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Dance Rock Revolution 

The brothers of Tweak Bird are trying to make you forget everything else and rock out

click to enlarge The Brothers Bird
  • The Brothers Bird

In a perfect world,” says Ashton Bird, “no one would be on their cellphones when we played our set.”

Bird — the drumming half of Tweak Bird, Los Angeles’ jarringly brutal psychedelic rock two-piece — is certainly no curmudgeon. But he is absolutely speaking to what he would like his band to be capable of: to get the crowd to forget about the rest of their lives for a little bit.

Chances are, the dim light of cellphone screens will be glowing on the faces of concertgoers for the foreseeable future — at least until something comes along to replace them. But Bird remembers a simpler time when it was never an issue, where the music reigned supreme at all times.

“We want to go up there and be the Grateful Dead and move some bodies,” Bird continues, referring to himself and his brother Caleb, who handles the howling and the guitar riffs in the band.

“We’re just, like, two brother dudes who like to play hard and make people dance.”

Later in our conversation, Bird began to allude to a higher ambition. It’s not just about the weed and the movement and the jams — there’s a greater purpose at work behind the propulsive stoner rock of Tweak Bird.

“We want to go out and change the world of music,” he says. Coming from almost any other musician, the claim would be laughable, but Bird comes off as so earnest that it’s hard to fault him.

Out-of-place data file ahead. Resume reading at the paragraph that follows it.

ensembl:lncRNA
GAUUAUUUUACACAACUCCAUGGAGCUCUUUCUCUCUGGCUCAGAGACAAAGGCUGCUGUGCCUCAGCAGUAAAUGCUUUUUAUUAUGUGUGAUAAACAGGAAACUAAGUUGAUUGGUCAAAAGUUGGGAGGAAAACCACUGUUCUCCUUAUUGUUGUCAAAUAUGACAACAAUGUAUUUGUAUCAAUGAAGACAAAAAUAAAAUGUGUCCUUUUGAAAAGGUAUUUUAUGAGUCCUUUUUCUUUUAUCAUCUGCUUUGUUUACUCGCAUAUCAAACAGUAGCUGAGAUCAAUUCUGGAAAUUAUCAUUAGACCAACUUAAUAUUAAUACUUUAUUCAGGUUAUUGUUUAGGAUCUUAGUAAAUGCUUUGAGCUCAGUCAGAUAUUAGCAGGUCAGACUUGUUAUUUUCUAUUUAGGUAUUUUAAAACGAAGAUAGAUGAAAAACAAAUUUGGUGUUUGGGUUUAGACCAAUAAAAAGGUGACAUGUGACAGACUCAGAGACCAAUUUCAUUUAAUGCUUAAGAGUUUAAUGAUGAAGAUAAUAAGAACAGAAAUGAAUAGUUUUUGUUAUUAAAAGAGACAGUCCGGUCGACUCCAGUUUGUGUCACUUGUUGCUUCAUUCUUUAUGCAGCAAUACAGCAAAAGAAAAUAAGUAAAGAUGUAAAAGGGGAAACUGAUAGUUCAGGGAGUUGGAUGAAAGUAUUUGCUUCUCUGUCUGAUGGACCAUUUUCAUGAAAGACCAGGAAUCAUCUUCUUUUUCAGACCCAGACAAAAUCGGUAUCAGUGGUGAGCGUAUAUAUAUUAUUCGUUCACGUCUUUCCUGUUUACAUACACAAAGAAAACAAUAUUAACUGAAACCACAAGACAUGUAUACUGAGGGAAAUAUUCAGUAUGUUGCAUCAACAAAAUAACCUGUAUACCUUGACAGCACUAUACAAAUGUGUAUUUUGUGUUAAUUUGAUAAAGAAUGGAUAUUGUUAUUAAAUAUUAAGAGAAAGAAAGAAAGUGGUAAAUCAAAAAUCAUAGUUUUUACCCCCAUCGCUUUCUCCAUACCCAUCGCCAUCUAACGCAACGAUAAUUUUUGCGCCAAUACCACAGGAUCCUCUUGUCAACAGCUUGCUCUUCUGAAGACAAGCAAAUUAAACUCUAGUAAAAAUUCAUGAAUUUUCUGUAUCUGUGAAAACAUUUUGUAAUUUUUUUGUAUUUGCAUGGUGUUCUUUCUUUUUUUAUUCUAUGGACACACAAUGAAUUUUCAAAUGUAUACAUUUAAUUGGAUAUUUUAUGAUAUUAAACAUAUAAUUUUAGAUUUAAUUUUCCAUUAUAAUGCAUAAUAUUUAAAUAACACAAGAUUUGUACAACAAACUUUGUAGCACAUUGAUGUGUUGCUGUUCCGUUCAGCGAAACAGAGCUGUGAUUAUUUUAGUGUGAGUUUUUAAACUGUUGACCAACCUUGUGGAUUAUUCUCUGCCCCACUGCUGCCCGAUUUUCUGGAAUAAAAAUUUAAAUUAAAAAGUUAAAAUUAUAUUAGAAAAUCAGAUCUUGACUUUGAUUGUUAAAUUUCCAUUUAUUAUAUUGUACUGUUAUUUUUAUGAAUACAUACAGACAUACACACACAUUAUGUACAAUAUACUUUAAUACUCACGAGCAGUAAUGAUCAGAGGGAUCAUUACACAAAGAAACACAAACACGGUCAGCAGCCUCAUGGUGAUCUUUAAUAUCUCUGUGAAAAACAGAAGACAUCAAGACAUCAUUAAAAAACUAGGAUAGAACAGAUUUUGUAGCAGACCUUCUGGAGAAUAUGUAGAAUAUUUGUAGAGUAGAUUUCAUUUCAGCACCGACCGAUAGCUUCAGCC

In fact, it’s rather refreshing when a young musician is willing to admit that their aspirations exceed their own enjoyment. To Bird, there is a greater ideal at work in Tweak Bird, and it shines through in their wild and dangerous music.

The duo’s tunes are indeed progressive, featuring frequent experiments and bold exercises in pummeling fuzz blasts. It’s not just the thick, scuzzy pounding we’ve come to expect from bands with their particular sound. There’s a definite edge to Tweak Bird, an exploratory spirit that shines through in the band’s experiments with electronics and genre-bending.

Still, don’t expect to watch two straight faces make all of this noise.

“We think music is fun and we don’t take it grossly serious,” says Bird. He’s also fairly open concerning his expectations on the night of the show, April 20: “It’s a great date. We want everybody to be dancing and smoking weed.”

So let’s try — if for one day — to make this a perfect world for our traveling brother dudes. Maybe keep our phones in our pockets? 

Tweak Bird with 66beat and Hooves • Sat, April 20, at 9 pm • Mootsy’s • $5 • 21+ • 838-1570

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